HyperlocalWAV Group and other consumer research have consistently shown that buyers want neighborhood expertise above all else. It’s more important to consumers than an agent’s ability to negotiate or communicate. It’s often even more important to consumers than trust. So you would think that the most common agent business model would be designed to exploit that opportunity, right? But you would be wrong.

Yet if you ask agents, they will tell you they indeed have deep local expertise – often they see themselves as being the “top” local expert. But if you look at what they do in their day-to-day business, they certainly don’t market their business or themselves that way.

That’s some of the findings of the first-ever Hyperlocal real estate study WAV Group recently conducted for Colorado based technology firm, zavvie. The headline for the survey could very well read: “Agents, teams and brokers say one thing, do another.”

Importance of HyperLocalism

WAV Group found that a stunning 95% of agents, teams and broker-owners and real estate exes say local market knowledge is either “Very Important” or “Extremely Important” to their consumer clients. Two-in-three say it is “Extremely Important.”

Hornung, CEO and Co-founder of zavvie, points out that real estate pros by and large are just are not making HyperLocal marketing a priority, despite all the research that shows how important it is to the consumers.

Hornung explains that HyperLocal agents and teams focus their marketing activities specifically on a neighborhood or group of neighborhoods, which Hornung says is generally 3,000 homes or about 10,000 people. But only about 1 in 8 agents actually say they specialize in neighborhoods.

“In fact, the study found that most real estate professionals are doing the exact opposite of HyperLocal marketing: they are casting the largest net, trying to throw draw their marketing circle as broad as possible,” Hornung points out.

Not Really Local

The study found that more than 60% of individual agents and 65% of teams say they “specialize” in a large regional or metro area. That’s like saying you “specialize” in collecting transportation or cars, versus rare Ferraris.

“You can’t even specialize in a city or a town – its just too big of an area, geographically to be a ‘go-to expert’ that knows every single home in that size of a market. Yet that’s what folks were claiming,” says Stefan Peterson, COO of zavvie.

There really is “a great disconnect” going on between the views of agents, teams and brokerages and their behavior. Another example: very few agents and teams report using HyperLocal marketing tools that let them share their expertise, such as “Nextdoor,” a “Blog” or a “Neighborhood Website.” “Yet these are the core tools of a typical HyperLocal agent’s marketing system,” Peterson argues, but the survey found only 7% have a Blog, only 15% have a Neighborhood Website, and fewer than one in five  – just 17% – are on Nextdoor.

Ask these same agents about their knowledge level about local happenings, events, and changes that affect the real estate market and more than a third — 38% of all respondents — said they were “Extremely Knowledgeable” which means they agreed with the description that read: “No one is more ‘in the know’ than I am.” Moreover, 42% said they were “Very Knowledgeable.”

Peterson is perplexed. “If all of these agents, teams and brokerages have all this local knowledge, how is anyone going to know it if they are not sharing it in a Blog or on Nextdoor?,” he asks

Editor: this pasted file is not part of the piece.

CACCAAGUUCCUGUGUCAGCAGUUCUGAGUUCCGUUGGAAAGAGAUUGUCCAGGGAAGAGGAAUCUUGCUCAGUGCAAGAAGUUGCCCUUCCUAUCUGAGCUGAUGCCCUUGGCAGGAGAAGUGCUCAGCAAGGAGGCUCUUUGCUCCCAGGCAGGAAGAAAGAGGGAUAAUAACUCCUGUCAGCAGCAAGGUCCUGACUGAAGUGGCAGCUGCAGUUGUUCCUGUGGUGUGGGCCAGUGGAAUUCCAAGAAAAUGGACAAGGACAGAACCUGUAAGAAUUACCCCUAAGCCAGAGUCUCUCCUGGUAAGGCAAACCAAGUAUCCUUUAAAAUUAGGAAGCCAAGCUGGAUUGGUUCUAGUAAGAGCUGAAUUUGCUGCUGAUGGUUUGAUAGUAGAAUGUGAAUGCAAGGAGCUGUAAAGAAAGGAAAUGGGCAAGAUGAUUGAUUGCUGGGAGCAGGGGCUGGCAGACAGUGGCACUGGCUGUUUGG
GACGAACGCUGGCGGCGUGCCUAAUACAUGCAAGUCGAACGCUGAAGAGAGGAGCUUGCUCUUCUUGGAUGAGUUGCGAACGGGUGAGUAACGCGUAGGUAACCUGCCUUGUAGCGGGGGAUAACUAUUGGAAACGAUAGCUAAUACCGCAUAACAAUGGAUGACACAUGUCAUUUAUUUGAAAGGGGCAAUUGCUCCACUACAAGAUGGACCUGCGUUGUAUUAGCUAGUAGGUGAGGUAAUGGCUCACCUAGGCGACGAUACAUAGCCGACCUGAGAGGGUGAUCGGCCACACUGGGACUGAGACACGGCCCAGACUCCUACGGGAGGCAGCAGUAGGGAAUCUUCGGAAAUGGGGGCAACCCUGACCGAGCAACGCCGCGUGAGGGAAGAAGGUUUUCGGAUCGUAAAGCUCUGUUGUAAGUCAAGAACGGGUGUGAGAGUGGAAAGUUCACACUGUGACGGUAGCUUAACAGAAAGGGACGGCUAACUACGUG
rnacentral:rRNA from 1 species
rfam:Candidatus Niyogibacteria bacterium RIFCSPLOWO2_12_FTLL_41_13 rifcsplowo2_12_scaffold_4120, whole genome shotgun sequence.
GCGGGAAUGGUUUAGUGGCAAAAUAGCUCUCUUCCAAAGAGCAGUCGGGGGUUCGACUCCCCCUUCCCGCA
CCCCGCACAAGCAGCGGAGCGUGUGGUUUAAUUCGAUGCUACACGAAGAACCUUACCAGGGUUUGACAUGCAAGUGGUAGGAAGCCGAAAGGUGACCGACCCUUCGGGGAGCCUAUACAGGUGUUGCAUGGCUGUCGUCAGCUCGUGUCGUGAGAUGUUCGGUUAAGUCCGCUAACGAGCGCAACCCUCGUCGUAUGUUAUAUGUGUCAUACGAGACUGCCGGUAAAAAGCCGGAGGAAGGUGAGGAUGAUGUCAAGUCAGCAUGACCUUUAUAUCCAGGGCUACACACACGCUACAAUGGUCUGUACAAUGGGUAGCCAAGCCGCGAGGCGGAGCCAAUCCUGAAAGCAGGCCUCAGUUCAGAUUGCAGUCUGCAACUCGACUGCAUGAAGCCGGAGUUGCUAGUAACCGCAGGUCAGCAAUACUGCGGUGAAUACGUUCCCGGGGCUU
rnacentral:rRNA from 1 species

HyperLocal Highly Valued

And it’s not like agents, teams and broker-owners and execs don’t themselves recognize how valuable HyperLocal is.

When asked about the value of local customer reviews from sites such as Zillow, Yelp, Nextdoor and Google, more than 60% said reviews on these sites were “Very Important” or “Extremely Important.” Moreover, 73% said Facebook is their number one marketing tool they use to connect with customers in their local farm area.

So that sounds promising, right? Well, believe it or not, some 44% of agents and half of all teams said that social media is only “Somewhat Important” or “Not Important” to their business. Let me say that again: Half the teams said social media was not important to their business. Really? Wow.

The study also found that of all the top marketing tools, two social media tools landed in the bottom five marketing tools that agents use to connect with customers in their local farm area. Instagram was selected by only about 1 in 10 and Twitter was selected by only about 1 in 20.

Why no HyperLocal hysteria?

zavvie founders think the reason real estate agents are not going nuts over HyperLocal Marketing, which has been steamrolling other industries, is that for busy agents, social media and HyperLocal marketing tools and activities such as Neighborhood Websites and Blogs are hard. And they take a lot of time.

However, the research shows that the agents and teams who embrace HyperLocal marketing are more successful than agents who do not. That additional data is coming out soon when zavvie releases a new HyperLocal Marketing White Paper early next year.

On the bright side

One encouraging note from the survey: the overall positive response to interest in a question we asked about how interested folks were in obtaining an automated social media platform focused specifically on the local neighborhoods.

More than two-thirds of respondents expressed some interest or said they are very interested, with an additional 13.5% said they are “extremely interested.”

So it all may come down to how easy it is for agents, teams and brokers to conduct HyperLocal marketing. If there was an “easy button,” they might be more inclined to push it.

You can review more highlights from the survey at http://www.zavvie.com/hyperlocalsurveyhighlights.